AshevillePete Zamplas

Shutout ‘shout out’– Rey-NO-lds rules


Rocket linebackers Frank Torres (44) and Eli Hembree (4) zero in on a loose ball at the goal line. Hembree is about to snatch the fumbled Asheville punt in the end zone, for the final score of the 35-0 win Friday. Photo by Pete Zamplas.

By Pete Zamplas – A.C. Reynolds shut out arch-rival Asheville 35-0 at home Friday, demonstrating supremacy in a showdown of teams who were unbeaten in Western Mountain action.

Clearly, the only way to possibly slow the Reynolds (7-1, 5-0 WMC) onslaught in its road games is to turn off all stadium lights when ACR has the ball. That might dim a drive only a bit, since Reynolds seems to bash foes while playing with its eyes closed. Further, the “Reynolds Wrap” © defense keeps “foiling” foes and blanked a premier offense Friday. The middle two letters of “Reynolds” in end zones should be a capitalized “No!”

The sign of Reynolds state titles (football in 1999, 2002 and ’09 in 4A) in a corner of the football-soccer field noticeably has room for another state title — this time in 3AA football. “People make us aware of that” pressure, ACR head coach Shane Laws said. He coached ACR to ’09 title, and to a 105-35 mark. He leads 13 returning all-conference stars, in his 11th season as Rocket ignitor.

Superb motivator Laws both tries to keep focus on each game, but also urges improvement for the inevitable playoff run. That is what he meant by telling his troops in the post-game huddle the win over AHS was critical for “down the road.” He said he was quite “proud” of the effort, but “we’ve got to get (even) better” and more mistake-free to realize state title dreams.

Strong-armed quarterback Alex Flinn (6-2, 205 jr.), among others, wants the road toward a state title to again go through Weddington to exorcise demons. That superb-tackling program from near Charlotte KOed ACR from playoffs in the last three years, often taking out Asheville first.

Flinn’s emergence gives Reynolds even more of a downfield threat, due to his rocket Rocket arm to go with his tough running. He zig-zagged and charged left for a 14-yard score on a keeper. Flinn completed 24 of his 29 passes, for 177 yards.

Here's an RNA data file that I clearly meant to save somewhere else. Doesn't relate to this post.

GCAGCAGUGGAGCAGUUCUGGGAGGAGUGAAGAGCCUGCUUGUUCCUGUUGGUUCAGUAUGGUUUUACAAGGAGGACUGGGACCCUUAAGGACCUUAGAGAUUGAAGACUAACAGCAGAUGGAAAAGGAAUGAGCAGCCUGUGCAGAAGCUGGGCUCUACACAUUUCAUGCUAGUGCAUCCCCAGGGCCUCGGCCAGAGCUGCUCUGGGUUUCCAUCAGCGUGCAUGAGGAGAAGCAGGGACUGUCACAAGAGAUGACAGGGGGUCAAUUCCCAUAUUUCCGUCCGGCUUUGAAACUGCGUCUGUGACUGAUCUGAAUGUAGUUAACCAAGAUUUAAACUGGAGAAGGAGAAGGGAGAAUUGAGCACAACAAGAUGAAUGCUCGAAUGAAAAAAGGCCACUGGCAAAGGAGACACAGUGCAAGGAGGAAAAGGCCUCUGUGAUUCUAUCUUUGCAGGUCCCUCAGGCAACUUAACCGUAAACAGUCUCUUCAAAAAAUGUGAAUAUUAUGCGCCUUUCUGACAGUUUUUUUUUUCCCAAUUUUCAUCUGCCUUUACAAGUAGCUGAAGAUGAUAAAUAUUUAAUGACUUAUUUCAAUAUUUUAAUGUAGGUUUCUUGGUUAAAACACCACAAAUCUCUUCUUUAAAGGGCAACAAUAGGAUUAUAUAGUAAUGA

His six-yard scoring pass to Jhari Patterson on fourth down was the most critical play of the night. It opened up a formidable 21-0 lead, with three ticks left on the first-half clock. Sophomore Patterson (6-0, 175) dove in for the score, as ACR reached halftime with much momentum and confidence.

Flinn equates his ball distribution role to that of a basketball point guard, eager to “get the ball to my running backs and receivers.”

Flinn, a rugged junior, was understudy again this year to swift slender senior Nate St. Onge (6-0, 170 sr.). Last year, St. Onge became the QB after starring as a big-play receiver for two years. Early this season, St. Onge switched back to receiver and also lines up at a back after a season-ending injury to Kaedin Robinson (6-2, 180 jr.).

St. Onge periodically takes wildcat snaps in crucial short-yardage situations, and usually runs but has an accurate arm. He zoomed 29 yards on the third play Friday. He got the ball after Flinn tossed it up and slightly ahead, for what could be deemed either a handoff or short shuttle pass.

ACR as usual has much talent and depth in its running. I’dre Bell (5-10, 170 jr.) sparkled as the workhorse Friday. His 100 yards was half of the team’s 203 rushing yards. Kejuan Watkins (5-9, 150 sr.) scored the second TD, on a 30-yard jaunt.

Explosive Reynolds has scored at least 50 points in two of its first eight contests, and at least 35 in all but its lone defeat (29-8 at Shelby). ACR has already beaten three leading WMC contenders. First was a 49-34 win over Erwin, after surging to a big early lead.


ACR QB Alex Flinn charges in for a TD, on a 14-yard keeper. Photo by Pete Zamplas.

Star guard Jake Setterlind (6-6, 290 sr.), a preseason all-state honoree and leader of ACR’s massive line, told The Tribune that Erwin played the most rugged and gave ACR its toughest WMC challenge thus far on the scoreboard as well.

The Rockets blasted Tuscola (37-0) then Asheville (35-0), in their last two games. The last of ACR’s three remaining regular-season games is at talented but struggling Roberson (2-6).

Asheville (5-4 ; 5-1 WMC) has also taken out Erwin (by 33-6), Tuscola (30-16) and TCR (23-22) in winning its first five conference games. The Cougars are poised to finish second and possibly host a playoff game — especially if Tuscola wins Friday at West Henderson (6-2; 5-1) to thrust idle AHS alone into second place.

For now, West Falcons are tied with AHS for second. If they get by Tuscola, they can absorb the expected drumming at ACR a week later, and their finale against Asheville at home Nov. 3 looms as a battle for second.


Jhari Patterson (34) dives for a receiving TD, to give Reynolds a commanding 21-0 lead. Photo by Pete Zamplas.

ACR’s five-TD margin and shutout of AHS deserves a “shout out” considering the visiting Cougars have racking up plenty of points themselves. But not on Friday. Cougar rushing yards ended at minus nine. They had a first-and-goal chance to tie it at 7, but were stopped on downs.

“They shut us down” at the line, AHS senior back Corey Clement said. He had averaged 96 ground yards. AHS QB Three Hillier hit periodic big plays, finishing with 245 passing yards but two picks and no scores.

An exciting defensive TD showed fortune was on ACR’s side, on this Friday the 13th. Athletic and fierce inside linebackers Frank Torres (6-3, 220 sr.) and Eli Hembree (6-2, 220 jr.) charged after the loose ball, on a blocked punt. Hembree snatched it in the end zone, for the final score.

“I wanted to score, since I hadn’t this year,” said Hembree, who reached the end zone once in ’16. He said a state title is “in the back of our minds.”

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